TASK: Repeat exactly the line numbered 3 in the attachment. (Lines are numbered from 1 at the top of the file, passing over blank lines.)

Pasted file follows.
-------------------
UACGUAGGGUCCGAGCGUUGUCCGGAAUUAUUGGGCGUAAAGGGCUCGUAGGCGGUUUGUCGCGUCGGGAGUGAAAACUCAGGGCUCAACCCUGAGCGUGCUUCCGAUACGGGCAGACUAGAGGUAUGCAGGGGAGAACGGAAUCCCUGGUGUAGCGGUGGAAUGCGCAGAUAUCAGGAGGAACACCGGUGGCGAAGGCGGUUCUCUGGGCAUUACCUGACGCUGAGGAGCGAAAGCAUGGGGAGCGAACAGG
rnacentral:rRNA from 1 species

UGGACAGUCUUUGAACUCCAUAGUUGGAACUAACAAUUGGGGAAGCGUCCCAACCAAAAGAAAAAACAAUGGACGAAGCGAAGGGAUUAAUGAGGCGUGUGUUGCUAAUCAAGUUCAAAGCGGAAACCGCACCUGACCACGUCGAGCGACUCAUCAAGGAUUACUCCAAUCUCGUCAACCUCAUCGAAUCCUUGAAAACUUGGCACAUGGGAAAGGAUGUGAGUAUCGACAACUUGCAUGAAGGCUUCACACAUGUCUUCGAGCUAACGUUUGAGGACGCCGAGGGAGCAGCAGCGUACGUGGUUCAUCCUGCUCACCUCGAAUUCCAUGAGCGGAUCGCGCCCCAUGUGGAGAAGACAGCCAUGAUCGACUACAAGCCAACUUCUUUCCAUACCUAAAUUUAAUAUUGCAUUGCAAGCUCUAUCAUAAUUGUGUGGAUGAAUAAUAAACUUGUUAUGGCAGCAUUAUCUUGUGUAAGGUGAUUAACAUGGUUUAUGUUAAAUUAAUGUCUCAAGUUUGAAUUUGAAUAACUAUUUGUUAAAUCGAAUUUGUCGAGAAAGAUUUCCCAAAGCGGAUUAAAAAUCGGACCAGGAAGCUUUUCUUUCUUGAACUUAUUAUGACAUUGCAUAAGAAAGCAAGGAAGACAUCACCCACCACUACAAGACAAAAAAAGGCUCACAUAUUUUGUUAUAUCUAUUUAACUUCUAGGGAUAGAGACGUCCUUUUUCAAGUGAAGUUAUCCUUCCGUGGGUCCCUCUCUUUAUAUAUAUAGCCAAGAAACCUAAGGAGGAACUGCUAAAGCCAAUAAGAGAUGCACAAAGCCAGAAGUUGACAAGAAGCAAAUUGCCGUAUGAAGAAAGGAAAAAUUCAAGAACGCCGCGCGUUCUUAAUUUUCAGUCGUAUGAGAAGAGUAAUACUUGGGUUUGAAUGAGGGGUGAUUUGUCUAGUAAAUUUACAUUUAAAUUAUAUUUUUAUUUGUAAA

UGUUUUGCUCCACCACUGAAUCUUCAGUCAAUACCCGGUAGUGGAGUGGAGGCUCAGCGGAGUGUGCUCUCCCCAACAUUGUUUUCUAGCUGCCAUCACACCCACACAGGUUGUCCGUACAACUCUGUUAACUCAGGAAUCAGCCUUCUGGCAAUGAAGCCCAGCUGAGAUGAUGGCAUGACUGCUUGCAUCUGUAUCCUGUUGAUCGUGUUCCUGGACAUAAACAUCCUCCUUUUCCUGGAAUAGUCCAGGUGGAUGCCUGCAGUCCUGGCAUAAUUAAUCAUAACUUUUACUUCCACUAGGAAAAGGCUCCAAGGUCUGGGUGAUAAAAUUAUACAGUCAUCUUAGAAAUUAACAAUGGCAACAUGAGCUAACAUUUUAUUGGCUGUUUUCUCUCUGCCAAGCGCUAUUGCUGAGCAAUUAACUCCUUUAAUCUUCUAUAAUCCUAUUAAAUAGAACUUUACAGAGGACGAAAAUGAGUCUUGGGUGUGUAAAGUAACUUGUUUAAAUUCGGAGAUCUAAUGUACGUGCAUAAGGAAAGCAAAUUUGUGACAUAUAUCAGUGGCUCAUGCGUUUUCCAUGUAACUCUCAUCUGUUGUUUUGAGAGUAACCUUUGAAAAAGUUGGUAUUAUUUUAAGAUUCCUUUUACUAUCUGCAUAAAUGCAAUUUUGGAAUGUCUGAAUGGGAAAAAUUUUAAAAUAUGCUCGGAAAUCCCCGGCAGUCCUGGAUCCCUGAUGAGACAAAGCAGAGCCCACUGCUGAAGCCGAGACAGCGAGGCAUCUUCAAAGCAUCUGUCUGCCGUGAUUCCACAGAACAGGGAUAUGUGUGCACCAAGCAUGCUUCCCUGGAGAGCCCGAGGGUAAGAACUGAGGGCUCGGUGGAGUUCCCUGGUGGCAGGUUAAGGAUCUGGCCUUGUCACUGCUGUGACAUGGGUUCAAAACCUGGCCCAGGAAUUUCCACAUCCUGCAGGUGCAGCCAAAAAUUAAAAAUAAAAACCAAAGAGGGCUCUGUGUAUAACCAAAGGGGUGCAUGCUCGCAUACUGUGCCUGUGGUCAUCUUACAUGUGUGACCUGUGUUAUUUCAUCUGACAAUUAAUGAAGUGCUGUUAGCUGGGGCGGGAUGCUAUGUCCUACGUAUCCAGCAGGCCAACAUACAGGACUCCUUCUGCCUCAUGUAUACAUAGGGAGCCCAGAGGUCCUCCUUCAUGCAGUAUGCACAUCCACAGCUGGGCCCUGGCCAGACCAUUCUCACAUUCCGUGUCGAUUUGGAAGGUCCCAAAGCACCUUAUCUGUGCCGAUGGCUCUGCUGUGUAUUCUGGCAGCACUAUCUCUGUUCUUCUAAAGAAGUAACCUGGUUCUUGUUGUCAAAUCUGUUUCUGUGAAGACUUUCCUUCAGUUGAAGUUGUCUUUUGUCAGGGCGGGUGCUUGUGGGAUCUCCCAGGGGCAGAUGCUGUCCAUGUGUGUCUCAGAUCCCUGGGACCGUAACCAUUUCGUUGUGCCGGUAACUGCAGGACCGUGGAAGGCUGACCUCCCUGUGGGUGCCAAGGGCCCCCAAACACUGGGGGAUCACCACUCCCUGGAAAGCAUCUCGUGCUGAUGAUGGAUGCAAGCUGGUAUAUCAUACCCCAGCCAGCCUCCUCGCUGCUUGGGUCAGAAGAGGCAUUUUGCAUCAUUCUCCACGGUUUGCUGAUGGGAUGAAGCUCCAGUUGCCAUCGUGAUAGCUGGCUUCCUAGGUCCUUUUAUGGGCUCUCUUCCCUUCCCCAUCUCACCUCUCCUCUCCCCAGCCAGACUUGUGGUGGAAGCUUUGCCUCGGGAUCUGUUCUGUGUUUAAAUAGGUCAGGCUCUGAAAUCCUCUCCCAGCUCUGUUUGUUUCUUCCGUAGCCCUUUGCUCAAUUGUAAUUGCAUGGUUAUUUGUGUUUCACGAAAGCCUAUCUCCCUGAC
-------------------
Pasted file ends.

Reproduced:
UGGACAGUCUUUGAACUCCAUAGUUGGAACUAACAAUUGGGGAAGCGUCCCAACCAAAAGAAAAAACAAUGGACGAAGCGAAGGGAUUAAUGAGGCGUGUGUUGCUAAUCAAGUUCAAAGCGGAAACCGCACCUGACCACGUCGAGCGACUCAUCAAGGAUUACUCCAAUCUCGUCAACCUCAUCGAAUCCUUGAAAACUUGGCACAUGGGAAAGGAUGUGAGUAUCGACAACUUGCAUGAAGGCUUCACACAUGUCUUCGAGCUAACGUUUGAGGACGCCGAGGGAGCAGCAGCGUACGUGGUUCAUCCUGCUCACCUCGAAUUCCAUGAGCGGAUCGCGCCCCAUGUGGAGAAGACAGCCAUGAUCGACUACAAGCCAACUUCUUUCCAUACCUAAAUUUAAUAUUGCAUUGCAAGCUCUAUCAUAAUUGUGUGGAUGAAUAAUAAACUUGUUAUGGCAGCAUUAUCUUGUGUAAGGUGAUUAACAUGGUUUAUGUUAAAUUAAUGUCUCAAGUUUGAAUUUGAAUAACUAUUUGUUAAAUCGAAUUUGUCGAGAAAGAUUUCCCAAAGCGGAUUAAAAAUCGGACCAGGAAGCUUUUCUUUCUUGAACUUAUUAUGACAUUGCAUAAGAAAGCAAGGAAGACAUCACCCACCACUACAAGACAAAAAAAGGCUCACAUAUUUUGUUAUAUCUAUUUAACUUCUAGGGAUAGAGACGUCCUUUUUCAAGUGAAGUUAUCCUUCCGUGGGUCCCUCUCUUUAUAUAUAUAGCCAAGAAACCUAAGGAGGAACUGCUAAAGCCAAUAAGAGAUGCACAAAGCCAGAAGUUGACAAGAAGCAAAUUGCCGUAUGAAGAAAGGAAAAAUUCAAGAACGCCGCGCGUUCUUAAUUUUCAGUCGUAUGAGAAGAGUAAUACUUGGGUUUGAAUGAGGGGUGAUUUGUCUAGUAAAUUUACAUUUAAAUUAUAUUUUUAUUUGUAAA